Human rights organisations need to get their act together

I read Mr Kinzer’s article “Reinventing Rwanda – There’s a new promise of prosperity. So why are human rights advocates unhappy?” that appeared in the Los Angeles Times of June 22, 2008 and I couldn’t help but marvel at his insight into the rebirth of Rwanda.
Mr. Stephen Kinzer.
Mr. Stephen Kinzer.

I read Mr Kinzer’s article “Reinventing Rwanda – There’s a new promise of prosperity. So why are human rights advocates unhappy?” that appeared in the Los Angeles Times of June 22, 2008 and I couldn’t help but marvel at his insight into the rebirth of Rwanda.

His central thesis is that whereas development specialists do acknowledge and praise Rwanda and its leadership for the strides they have taken on the path to development, human rights advocates have deliberately closed their eyes to this fact and, instead, continue to unduly criticise Rwanda for alleged human rights abuses.

In Kinzer’s words, “Over the last seven years, Rwanda has emerged as the most exciting place on Earth for people whose dream is to end global poverty.” 

And Kinzer makes another pertinent point in his article: that Rwanda’s spectacular rebirth since the shocking genocide has reignited an old debate about the very nature of human rights – and about whether the West’s obsession can undermine innovative solutions to problems that hold entire nations in misery.

Despite the well-known difficulties in agreeing on universal human rights standards in culturally sensitive domains and diverse historical contexts, Rwanda is signatory to human rights conventions and has done everything to uphold the human rights enshrined in those conventions.

In fact, given the terrible human rights abuses carried out during the genocide of the Batutsi, the Government of Rwanda has a strong commitment to the promotion and protection of human rights.

So, if Rwanda’s leadership is steadfastly striving to uplift the living standards of the entire population of Rwanda and provide them with equal opportunities to access all the benefits the country can offer and, indeed, give the world a new model of fighting poverty, why do human rights groups fail to see this?

I reckon there are three main reasons. First of all, some human rights organisations simply bear the name but have a different mandate and a hidden agenda.

Take “Reporters Without Borders”, for example. They are quick to cry foul whenever a journalist in Rwanda contravenes the laws of the land and is asked to account for his/her actions or misdemeanours.

They defended a certain Joseph Ruyenzi, who was accused of very grave crimes such as rape, assault and murder during the genocide of the Batutsi in 1994.

Reporters Without Borders presented him as an innocent man and a victim of a settling of accounts designed to remove him from Radio Rwanda.

Similarly, they present the likes of Kabonero, Gasasira, Bizumuremyi, and Burasa as angels come down from heaven whereas Rwandans and the media fraternity here consider them to be the lumpen, intent on destroying the very achievements that Mr Kinzer is referring to.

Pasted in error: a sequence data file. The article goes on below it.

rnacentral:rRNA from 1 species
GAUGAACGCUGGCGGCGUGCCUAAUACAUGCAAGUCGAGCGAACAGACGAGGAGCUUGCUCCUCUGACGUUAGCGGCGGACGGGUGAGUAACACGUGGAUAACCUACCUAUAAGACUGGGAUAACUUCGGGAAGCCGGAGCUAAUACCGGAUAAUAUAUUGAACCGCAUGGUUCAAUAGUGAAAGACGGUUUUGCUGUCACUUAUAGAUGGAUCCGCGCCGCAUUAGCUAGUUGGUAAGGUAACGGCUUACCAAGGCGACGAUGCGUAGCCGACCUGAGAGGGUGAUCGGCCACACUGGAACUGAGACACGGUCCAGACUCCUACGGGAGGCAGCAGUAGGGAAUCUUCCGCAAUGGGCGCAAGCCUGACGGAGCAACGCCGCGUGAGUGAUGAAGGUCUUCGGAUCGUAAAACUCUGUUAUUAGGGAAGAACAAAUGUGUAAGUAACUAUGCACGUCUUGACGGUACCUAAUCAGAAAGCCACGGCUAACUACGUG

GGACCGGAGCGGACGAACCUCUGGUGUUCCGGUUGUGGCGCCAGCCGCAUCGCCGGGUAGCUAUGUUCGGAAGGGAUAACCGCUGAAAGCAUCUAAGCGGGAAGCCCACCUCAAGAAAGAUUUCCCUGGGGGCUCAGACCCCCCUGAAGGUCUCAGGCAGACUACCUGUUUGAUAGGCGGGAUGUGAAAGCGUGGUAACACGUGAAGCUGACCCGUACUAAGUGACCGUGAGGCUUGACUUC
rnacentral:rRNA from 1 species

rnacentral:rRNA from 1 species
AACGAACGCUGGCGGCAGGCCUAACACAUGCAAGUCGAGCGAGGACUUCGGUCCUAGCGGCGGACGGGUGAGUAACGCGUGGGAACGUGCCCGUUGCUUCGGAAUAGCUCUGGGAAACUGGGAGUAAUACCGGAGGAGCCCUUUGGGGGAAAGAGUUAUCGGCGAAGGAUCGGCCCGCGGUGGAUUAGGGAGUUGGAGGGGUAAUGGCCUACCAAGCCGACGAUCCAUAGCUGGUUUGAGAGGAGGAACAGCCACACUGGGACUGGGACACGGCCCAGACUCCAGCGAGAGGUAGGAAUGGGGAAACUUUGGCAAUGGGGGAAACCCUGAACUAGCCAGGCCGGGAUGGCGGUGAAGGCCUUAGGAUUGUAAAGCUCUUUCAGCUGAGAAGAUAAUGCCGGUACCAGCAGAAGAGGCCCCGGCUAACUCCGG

The second reason is that some people in the human rights movement pretend to be experts of experts but are in reality simply ignorant and out of touch with the reality in Rwanda. They carry out desk research, relying mainly on sources whose enterprise is to manufacture doom and gloom as far as Africa is concerned.

When it comes to Rwanda, they fail to appreciate our historical context, preferring instead to listen to genocide fugitives whose sole and avowed motive is to tarnish the image of Rwanda by all means. This ignorance on the part of human rights organisations was recently exposed by judges who participated in an international conference held here in Kigali to assess the impact of Rwandan Judiciary reforms, 5 years on.

The judges castigated Alison Des Forges of Human Rights Watch for failing to see the positive developments in Rwanda and for indulging instead in cheap politicking. The third reason is the good old patronising and condescending attitude on the part of so-called human rights organisations vis-à-vis Africa and Rwanda in particular.

The West still harbours the mentality that they are nobler than we are and that they alone should dictate the good manners they purport to profess, never mind the human rights violations in their backyard. It is the old fashioned view that African people don’t know what is in their best interest and that it is the erstwhile colonial masters who have solutions to their problems.

This is arrogance of the first order, and it has characterised people in the human rights movement, almost without exception. They had better learn from a Rwandan proverb, which says: “Urusha nyina w’umwana imbabazi aba ashaka kumurya”. The closest equivalent in English would be “Beware of the wolf in a sheep’s clothing”.

Let me say in conclusion, that Africa, and Rwanda for that matter, cannot accept that its affairs are run by self-styled human rights advocates who are bent on detracting the Government Rwanda from making Rwanda “the only country on the planet that has a chance of going from absolute poverty to middle income in the space of a generation”.

No amount of lecturing and pontificating will derail the Government and the leadership in Rwanda from this noble course they have taken.   

Ends

 

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